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Comment Sustainability

Black & Veatch partners with Golar LNG on floating ammonia and H2 production

By Mary Page Bailey |

Black & Veatch (B&V; Overland Park, Kan.) and Golar LNG announce the expansion of their long-standing collaboration, focusing on broadening floating production of blue and green hydrogen and ammonia.


The memo of understanding between Golar, an operator of carriers for natural gas shipping, and global floating liquefied natural gas (FLNG) solutions leader Black & Veatch reflects the growing sway of hydrogen and ammonia in a sustainable energy economy.  


Golar’s deep experience in delivering and operating paradigm-shifting, low-cost floating liquefied natural gas (LNG) infrastructure complements Black & Veatch’s status as a leading provider of LNG technology, an industry force in advancing decarbonization and an expert in green energy technologies.


“This collaboration builds on years of delivering commercial and technology innovation with Golar, a visionary in monetizing natural gas reserves,” said Hoe Wai Cheong, president of Black & Veatch’s oil and gas business. “Given hydrogen and ammonia’s use in many energy-intensive industries we can make meaningful progress in lowering the carbon footprint and help these industries meet new sustainability commitments.”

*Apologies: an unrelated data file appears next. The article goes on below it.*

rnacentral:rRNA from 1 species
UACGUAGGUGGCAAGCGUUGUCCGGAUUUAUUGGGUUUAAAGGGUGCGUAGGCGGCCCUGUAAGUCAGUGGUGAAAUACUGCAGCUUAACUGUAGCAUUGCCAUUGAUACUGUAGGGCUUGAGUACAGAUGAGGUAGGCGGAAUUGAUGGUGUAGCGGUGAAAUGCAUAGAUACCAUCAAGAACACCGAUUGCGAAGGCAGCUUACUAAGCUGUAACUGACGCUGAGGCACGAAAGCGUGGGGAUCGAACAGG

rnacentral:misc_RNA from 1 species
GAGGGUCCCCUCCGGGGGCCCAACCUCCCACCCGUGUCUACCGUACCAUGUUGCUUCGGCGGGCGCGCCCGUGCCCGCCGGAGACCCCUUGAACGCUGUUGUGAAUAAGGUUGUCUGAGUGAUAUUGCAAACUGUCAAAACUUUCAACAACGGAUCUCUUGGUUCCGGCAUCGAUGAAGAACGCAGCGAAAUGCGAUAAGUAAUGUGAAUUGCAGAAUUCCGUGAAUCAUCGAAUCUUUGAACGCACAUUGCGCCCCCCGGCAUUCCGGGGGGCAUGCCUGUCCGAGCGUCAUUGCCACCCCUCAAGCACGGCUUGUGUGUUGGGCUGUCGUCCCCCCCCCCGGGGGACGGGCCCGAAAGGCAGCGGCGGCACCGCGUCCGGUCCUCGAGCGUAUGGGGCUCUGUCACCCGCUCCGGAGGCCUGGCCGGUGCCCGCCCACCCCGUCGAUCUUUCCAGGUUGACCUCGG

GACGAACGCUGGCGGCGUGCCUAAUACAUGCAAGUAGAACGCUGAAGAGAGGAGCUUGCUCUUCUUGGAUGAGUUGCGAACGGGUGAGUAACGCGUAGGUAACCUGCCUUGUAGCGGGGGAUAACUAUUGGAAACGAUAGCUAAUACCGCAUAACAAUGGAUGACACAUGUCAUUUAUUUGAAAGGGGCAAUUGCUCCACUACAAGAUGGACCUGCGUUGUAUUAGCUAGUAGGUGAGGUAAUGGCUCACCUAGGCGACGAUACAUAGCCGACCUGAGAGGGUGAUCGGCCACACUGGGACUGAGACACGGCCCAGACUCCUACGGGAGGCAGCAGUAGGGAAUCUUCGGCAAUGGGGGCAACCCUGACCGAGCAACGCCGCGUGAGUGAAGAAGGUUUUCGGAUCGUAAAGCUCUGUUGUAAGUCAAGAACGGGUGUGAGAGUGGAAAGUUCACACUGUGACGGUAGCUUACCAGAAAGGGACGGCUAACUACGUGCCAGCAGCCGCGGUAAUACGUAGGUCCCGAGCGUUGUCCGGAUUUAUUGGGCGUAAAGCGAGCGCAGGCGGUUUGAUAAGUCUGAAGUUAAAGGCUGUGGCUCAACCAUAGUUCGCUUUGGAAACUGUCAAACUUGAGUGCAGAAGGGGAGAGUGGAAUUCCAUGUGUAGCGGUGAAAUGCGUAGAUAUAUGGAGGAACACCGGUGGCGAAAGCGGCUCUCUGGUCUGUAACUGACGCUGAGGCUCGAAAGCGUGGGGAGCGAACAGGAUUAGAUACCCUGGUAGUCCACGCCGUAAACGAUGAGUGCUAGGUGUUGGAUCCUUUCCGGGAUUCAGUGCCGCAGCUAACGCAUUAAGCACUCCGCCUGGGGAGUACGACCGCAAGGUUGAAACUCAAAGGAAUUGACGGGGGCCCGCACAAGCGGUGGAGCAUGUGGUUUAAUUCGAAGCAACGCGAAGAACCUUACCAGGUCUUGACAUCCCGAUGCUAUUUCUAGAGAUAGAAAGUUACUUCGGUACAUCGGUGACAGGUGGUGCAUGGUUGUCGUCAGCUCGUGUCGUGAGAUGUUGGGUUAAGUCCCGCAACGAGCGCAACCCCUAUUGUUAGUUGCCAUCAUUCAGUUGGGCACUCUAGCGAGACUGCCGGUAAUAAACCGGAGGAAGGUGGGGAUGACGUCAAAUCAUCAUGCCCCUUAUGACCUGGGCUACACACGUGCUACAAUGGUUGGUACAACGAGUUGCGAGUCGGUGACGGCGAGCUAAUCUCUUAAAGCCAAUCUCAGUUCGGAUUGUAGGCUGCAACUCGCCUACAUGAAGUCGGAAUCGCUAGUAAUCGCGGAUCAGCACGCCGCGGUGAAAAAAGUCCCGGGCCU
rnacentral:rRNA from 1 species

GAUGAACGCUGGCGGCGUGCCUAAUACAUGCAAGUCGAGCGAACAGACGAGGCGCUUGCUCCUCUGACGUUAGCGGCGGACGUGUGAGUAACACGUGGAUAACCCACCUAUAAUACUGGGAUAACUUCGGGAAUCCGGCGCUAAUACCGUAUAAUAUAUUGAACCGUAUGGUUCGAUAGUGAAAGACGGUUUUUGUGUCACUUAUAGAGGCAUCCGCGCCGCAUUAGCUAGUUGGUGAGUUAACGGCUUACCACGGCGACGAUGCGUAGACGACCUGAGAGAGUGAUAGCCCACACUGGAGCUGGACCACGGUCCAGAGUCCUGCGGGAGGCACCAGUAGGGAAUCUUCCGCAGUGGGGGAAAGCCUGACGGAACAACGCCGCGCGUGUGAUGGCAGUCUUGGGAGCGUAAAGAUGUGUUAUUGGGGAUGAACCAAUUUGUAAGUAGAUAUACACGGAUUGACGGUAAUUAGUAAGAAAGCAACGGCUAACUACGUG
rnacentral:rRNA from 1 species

“As a company with an established history of championing and delivering disruptive solutions to problems in its industry, and a serious and continuous commitment to its ESG agenda, Golar looks forward to working with a like-minded and equally capable partner in the field of floating hydrogen and ammonia production, carbon capture, and other decarbonization initiatives,” said Golar CEO Iain Ross.


As the role of hydrogen in the green energy economy continues to expand, Black & Veatch also sees a growing case for ammonia – more energy dense than pure hydrogen, incredibly stable and easily liquified for storage and shipment around the globe in the same fashion as LNG. Ammonia then can be used in multiple energy-intensive industries to produce low-carbon electricity.

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